Raqqa, Syria (CNN)CNN has gained rare access inside the Old City of Raqqa, as rebels and international forces tightened their circle around ISIS' de facto capital.
CNN exclusive: Inside ISIS-held Raqqa
US-led airstrikes breached the 1,300-year-old Rafiqah Wall on Monday and allowed the US-backed Syrian Democratic Forces (SDF) to enter the city from the south. CNN is the first Western media organization to film inside the fortification since then.
After pushing through one of two small gaps in the wall, CNN journalists met with the rebels leading the assault just 200 meters from ISIS positions, as they heard gunfire and explosions nearby.
The rebels have seized control of territory around 300 meters into the Old City since Monday, but have been confronted with fierce resistance from ISIS.
CNN saw US forces in this area and it appears they have been calling in the airstrikes that have cleared the way for the rebels' advances. US personnel did not want to be filmed.
The battle for Raqqa will be the most significant phase in the fight against ISIS to date and it is expected to take months. ISIS has held the city since 2014 and considers it the heart of its envisaged caliphate.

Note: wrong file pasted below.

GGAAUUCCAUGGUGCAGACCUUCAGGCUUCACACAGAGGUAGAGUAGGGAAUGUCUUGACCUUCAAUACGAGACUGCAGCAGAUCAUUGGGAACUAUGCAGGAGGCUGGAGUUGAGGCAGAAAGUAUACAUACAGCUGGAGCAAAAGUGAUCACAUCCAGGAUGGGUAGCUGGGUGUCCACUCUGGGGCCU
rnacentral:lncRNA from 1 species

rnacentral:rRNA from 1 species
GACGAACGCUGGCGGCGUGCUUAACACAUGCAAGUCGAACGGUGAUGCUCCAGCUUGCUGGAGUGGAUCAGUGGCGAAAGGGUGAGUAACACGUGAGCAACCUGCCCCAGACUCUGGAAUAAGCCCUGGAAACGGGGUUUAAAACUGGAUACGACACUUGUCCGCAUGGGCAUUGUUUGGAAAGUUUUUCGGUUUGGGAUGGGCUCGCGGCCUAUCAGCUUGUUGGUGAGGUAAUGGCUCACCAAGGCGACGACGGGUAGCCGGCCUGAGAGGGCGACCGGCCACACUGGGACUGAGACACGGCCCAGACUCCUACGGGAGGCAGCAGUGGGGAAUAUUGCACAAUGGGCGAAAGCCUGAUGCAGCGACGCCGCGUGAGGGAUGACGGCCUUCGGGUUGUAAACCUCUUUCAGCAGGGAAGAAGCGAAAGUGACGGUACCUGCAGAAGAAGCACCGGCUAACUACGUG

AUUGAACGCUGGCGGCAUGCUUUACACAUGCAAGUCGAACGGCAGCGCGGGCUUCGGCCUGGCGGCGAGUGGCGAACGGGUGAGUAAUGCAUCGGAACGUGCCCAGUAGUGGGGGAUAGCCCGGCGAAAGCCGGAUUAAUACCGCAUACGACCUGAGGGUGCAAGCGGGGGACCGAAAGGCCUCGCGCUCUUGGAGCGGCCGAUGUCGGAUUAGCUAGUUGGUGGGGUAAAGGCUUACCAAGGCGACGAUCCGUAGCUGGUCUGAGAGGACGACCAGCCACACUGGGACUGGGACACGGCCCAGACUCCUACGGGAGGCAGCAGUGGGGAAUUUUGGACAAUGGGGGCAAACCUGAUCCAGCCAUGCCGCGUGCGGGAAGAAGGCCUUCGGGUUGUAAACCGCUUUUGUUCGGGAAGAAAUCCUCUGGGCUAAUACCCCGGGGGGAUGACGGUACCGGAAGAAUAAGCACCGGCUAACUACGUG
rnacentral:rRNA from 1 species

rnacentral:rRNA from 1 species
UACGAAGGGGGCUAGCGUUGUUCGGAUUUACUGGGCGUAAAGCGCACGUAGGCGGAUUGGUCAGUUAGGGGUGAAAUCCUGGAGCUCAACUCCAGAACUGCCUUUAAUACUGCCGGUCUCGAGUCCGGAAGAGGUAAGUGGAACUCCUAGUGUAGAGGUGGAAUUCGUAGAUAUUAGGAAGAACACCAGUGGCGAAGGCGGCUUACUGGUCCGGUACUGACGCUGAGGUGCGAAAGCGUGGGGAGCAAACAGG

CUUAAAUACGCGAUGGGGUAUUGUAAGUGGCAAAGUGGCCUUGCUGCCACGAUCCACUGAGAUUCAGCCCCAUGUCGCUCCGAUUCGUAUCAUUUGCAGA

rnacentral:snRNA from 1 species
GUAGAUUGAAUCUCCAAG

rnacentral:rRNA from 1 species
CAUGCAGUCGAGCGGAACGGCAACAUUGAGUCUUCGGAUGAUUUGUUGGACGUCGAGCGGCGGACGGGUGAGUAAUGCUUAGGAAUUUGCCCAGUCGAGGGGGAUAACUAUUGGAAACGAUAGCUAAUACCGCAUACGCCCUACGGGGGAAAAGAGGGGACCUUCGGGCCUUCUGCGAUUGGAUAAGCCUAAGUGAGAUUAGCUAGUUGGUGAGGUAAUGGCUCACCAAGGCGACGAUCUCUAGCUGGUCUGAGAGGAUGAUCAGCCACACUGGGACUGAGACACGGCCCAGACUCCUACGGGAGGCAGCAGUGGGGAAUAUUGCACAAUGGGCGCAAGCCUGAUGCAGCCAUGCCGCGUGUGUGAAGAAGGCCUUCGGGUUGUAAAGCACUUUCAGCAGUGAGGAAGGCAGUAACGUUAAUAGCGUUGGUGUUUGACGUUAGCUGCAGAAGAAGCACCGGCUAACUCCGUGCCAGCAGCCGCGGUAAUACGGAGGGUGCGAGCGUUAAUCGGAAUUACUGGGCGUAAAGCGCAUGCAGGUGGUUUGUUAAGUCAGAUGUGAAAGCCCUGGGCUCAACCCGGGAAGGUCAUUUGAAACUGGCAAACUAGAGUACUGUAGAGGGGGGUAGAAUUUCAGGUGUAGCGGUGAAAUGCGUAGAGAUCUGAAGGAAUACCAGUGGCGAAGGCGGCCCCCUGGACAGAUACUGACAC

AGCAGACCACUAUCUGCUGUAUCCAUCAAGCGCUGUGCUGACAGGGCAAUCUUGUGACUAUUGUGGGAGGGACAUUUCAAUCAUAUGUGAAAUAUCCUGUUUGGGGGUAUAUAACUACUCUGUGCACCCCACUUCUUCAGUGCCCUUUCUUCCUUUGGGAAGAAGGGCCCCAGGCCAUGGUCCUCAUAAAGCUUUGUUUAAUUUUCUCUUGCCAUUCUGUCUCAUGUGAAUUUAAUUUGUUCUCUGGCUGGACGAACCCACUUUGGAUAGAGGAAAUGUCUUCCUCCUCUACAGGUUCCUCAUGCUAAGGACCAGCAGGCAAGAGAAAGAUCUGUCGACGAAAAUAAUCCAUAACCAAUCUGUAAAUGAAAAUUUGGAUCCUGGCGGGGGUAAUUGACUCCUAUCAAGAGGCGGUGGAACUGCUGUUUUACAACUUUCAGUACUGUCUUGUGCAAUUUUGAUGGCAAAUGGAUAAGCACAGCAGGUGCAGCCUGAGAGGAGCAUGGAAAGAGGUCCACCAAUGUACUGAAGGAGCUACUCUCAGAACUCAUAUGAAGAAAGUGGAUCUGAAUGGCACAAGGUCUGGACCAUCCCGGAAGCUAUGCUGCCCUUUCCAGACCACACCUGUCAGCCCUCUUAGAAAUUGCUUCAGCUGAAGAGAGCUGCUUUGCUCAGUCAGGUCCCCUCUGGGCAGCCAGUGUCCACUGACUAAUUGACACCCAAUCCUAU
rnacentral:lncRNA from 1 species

Reporters have had little access to Raqqa, and occasional satellite images and smuggled videos have provided the few glimpses into one of the world's most isolated cities.
For years, phones and cameras were banned and anyone caught with videos or images would have faced death under ISIS' brutal regime.
The SDF has encountered significant ISIS opposition since entering the city on Monday, a US defense official told CNN. Other US officials say overhead imagery shows ISIS has laid booby traps and improvised explosive devices, as it has in other battles. There is now concern that the fighters may use civilians as human shields to defend the city.
The international coalition has nevertheless begun planning for an internal security force of local recruits that could "hold" Raqqa once military operations are over.
"We're already starting to work on something that's called the Raqqa Internal Security Force," Canadian Armed Forces Brigadier General D.J. Anderson told Pentagon reporters.
"This will be locals that will work for the Raqqa Council. So it'll work for local governance, and they'll be ready to establish that policing function, if you will, that safety and security element."
Retaking Raqqa will be a significant blow to ISIS, but it may not mark the group's demise in Syria. US officials have long said they have intelligence showing hundreds of ISIS fighters have fled Raqqa in recent months into the Euphrates River Valley, including some top leaders.